Students have broken into the officially-closed Jawaharlal Nehru University in New Delhi and begun holding classes for themselves.
GV & CU EXT Jawaharlal Nehru University entrance gates marked with slogans (2 shots)
SV & GV University sign and main building (2 shots)
CU looked door of classroom
SV Student sitting outside library (2 shots)
SV ZOOM INTO CU Students entering past handwritten sign: "Classes will be held today"
LV INTERIOR Students studying in Library
CU Students running library as others study (3 shots)
SV Sign pointing to Russian Studies Centre
SV & CU INTERIOR class with senior student teaching (3 shots)
Mr. Sitaram Yechury, president of the Jawaharlal Nehru University's Students' Union, said university statutes and ordinances had been changed arbitrarily during the emergency. He said 13 students had been denied admission on political grounds, three expelled for their political affiliations, and 17 students arrested. The Students' Union had met three months ago with Prime Minister Moraji Desai and placed their demands before him. Mr. Yechury said the students later met with Education Minister Dr. P.C. Chunder (whom Mr. Desai said he would consult with), but there had been no action on his assurance that he would put students' demands to the Home Ministry. The JNU Teachers' Association expressed strong displeasure at the university being closed without consulting them.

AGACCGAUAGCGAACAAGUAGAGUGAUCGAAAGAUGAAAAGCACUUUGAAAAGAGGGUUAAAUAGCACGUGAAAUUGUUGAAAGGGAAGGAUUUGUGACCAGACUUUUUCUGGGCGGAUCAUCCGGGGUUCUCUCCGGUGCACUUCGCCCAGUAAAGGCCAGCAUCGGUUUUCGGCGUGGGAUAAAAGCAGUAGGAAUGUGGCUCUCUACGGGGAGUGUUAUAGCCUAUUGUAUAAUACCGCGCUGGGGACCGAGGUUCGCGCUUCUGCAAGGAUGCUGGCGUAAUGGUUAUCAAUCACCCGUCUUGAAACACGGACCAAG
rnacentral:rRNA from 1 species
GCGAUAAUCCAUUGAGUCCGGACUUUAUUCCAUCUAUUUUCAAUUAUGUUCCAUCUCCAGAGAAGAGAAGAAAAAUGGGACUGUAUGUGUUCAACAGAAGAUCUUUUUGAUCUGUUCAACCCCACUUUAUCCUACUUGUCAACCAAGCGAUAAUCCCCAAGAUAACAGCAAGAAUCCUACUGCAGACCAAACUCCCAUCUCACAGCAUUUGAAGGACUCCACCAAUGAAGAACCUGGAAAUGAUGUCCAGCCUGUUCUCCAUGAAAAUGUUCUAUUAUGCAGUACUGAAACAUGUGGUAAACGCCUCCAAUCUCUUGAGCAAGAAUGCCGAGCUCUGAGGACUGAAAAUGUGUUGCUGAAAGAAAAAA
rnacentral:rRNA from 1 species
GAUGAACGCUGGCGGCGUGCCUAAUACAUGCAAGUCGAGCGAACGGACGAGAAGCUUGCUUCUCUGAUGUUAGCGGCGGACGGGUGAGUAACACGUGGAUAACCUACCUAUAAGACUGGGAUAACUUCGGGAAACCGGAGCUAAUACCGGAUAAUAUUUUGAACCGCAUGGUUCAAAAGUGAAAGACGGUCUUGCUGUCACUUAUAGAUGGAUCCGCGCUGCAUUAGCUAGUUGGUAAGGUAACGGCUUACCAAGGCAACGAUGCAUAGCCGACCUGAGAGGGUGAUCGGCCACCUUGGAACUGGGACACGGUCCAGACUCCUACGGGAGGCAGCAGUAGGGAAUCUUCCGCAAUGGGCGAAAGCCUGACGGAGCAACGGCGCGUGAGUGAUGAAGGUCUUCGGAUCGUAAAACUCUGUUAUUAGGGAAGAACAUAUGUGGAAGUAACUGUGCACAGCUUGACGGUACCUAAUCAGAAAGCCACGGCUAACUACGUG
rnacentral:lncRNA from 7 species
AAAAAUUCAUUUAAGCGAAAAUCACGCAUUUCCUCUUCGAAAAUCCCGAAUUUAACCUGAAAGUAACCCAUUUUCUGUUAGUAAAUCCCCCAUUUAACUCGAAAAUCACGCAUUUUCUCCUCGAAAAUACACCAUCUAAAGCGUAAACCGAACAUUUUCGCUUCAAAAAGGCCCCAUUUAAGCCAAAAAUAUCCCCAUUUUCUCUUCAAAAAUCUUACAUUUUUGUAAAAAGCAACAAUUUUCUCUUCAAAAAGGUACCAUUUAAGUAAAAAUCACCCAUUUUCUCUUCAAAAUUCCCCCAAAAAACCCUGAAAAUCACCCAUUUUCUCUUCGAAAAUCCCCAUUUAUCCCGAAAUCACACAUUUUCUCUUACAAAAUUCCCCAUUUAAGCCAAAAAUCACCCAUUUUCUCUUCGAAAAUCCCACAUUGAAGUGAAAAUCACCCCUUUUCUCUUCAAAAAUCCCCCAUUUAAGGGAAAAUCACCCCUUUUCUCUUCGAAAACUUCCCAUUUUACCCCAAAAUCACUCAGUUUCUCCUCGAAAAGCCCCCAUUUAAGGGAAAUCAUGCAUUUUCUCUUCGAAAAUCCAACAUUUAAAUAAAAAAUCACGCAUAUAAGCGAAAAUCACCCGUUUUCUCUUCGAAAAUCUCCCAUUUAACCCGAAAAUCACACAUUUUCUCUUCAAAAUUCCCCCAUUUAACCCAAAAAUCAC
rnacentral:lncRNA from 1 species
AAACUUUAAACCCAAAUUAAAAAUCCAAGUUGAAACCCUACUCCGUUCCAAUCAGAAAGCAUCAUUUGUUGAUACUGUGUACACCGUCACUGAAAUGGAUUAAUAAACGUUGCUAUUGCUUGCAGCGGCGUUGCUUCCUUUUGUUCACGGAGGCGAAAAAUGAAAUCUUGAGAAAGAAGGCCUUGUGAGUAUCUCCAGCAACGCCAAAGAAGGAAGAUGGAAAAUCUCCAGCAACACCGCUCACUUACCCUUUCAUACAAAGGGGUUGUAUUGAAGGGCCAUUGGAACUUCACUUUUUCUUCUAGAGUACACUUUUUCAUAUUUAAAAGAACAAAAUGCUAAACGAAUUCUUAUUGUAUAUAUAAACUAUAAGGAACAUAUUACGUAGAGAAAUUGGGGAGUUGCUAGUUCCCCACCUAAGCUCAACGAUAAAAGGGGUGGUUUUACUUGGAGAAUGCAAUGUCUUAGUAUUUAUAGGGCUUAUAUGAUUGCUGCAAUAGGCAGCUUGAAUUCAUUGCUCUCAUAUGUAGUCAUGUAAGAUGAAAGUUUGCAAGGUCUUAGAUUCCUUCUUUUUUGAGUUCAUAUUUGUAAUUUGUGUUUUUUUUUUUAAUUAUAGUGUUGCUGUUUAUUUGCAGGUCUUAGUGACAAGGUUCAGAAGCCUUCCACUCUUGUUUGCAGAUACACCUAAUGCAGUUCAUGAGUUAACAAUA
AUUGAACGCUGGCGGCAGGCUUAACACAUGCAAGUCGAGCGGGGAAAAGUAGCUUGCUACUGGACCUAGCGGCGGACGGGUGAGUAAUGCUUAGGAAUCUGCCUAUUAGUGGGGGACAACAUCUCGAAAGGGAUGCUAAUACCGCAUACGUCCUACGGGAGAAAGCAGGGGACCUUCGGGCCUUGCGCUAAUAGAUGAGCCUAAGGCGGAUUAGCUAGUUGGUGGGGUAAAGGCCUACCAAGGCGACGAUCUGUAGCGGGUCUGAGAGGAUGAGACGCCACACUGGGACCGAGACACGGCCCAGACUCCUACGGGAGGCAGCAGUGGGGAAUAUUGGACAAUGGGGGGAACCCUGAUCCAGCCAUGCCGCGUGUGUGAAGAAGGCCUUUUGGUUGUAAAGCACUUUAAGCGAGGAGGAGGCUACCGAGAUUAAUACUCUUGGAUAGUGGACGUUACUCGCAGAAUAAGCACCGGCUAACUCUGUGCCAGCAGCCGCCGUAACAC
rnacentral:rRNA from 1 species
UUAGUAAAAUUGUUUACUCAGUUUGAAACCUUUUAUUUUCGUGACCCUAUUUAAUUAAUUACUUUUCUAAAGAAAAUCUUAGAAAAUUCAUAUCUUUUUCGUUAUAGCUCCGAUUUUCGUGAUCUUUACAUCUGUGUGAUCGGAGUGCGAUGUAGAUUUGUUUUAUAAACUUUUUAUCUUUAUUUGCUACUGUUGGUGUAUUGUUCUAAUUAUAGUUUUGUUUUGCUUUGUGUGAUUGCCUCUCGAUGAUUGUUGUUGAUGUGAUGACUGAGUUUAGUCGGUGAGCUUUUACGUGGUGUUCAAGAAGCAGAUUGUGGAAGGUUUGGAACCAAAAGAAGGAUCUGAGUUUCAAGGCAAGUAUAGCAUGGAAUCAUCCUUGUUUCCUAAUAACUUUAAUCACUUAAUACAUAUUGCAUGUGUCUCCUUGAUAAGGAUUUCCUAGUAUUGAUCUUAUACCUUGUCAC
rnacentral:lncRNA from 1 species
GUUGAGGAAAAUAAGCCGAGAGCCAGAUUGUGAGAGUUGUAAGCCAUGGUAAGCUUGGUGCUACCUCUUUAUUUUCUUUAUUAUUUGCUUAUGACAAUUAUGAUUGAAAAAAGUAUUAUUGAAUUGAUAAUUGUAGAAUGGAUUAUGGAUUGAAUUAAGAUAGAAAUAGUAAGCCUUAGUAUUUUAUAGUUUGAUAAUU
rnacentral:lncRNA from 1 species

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Background: Students have broken into the officially-closed Jawaharlal Nehru University in New Delhi and begun holding classes for themselves. They broke open four locks to enter the School of Languages and Social Sciences. The university's vice chancellor, Dr. B.D. Nag Chaudhari ordered the university closed on Thursday (3 November) because of mounting student unrest.
SYNOPSIS: the university is one of two in Delhi. Most of its 2,000 students are doing post-graduate studies. When the university was closed, water and electricity supplies were not cut off. Dr. Nag Chaudhari ordered the closure after he had stopped agitating students from entering the campus on Wednesday (2 November).
Anticipating the closure, a group of 15 students had slept that night in the library. Student counsellors and students set up pickets at three points -- the Centre for Russian Studies, the science block and the main administrative wing to prevent the vice chancellor, the director and secretary from entering the university and working.
The library will be open 24 hours a day and students can sit and read there as long as they want. A spokesman for the Students' Union said they were determined to continue classes and general academic life.
All but 600 students live in hostel on the campus. University authorities had asked guardians to arrange to keep away their wards immediately, but there was no reported widespread exodus of students.
One of the busiest areas was the Centre for Russian Studies, where a senior student conducted classes. Last August, students wrote to the Shah Commission asking for an inquiry into 'excesses' committed at the university under the emergency laid down by the government of former Prime Minister, Mrs. Indira Gandhi. Now they blame the new government for the university's closure, claiming it had not responded to their requests for an inquiry.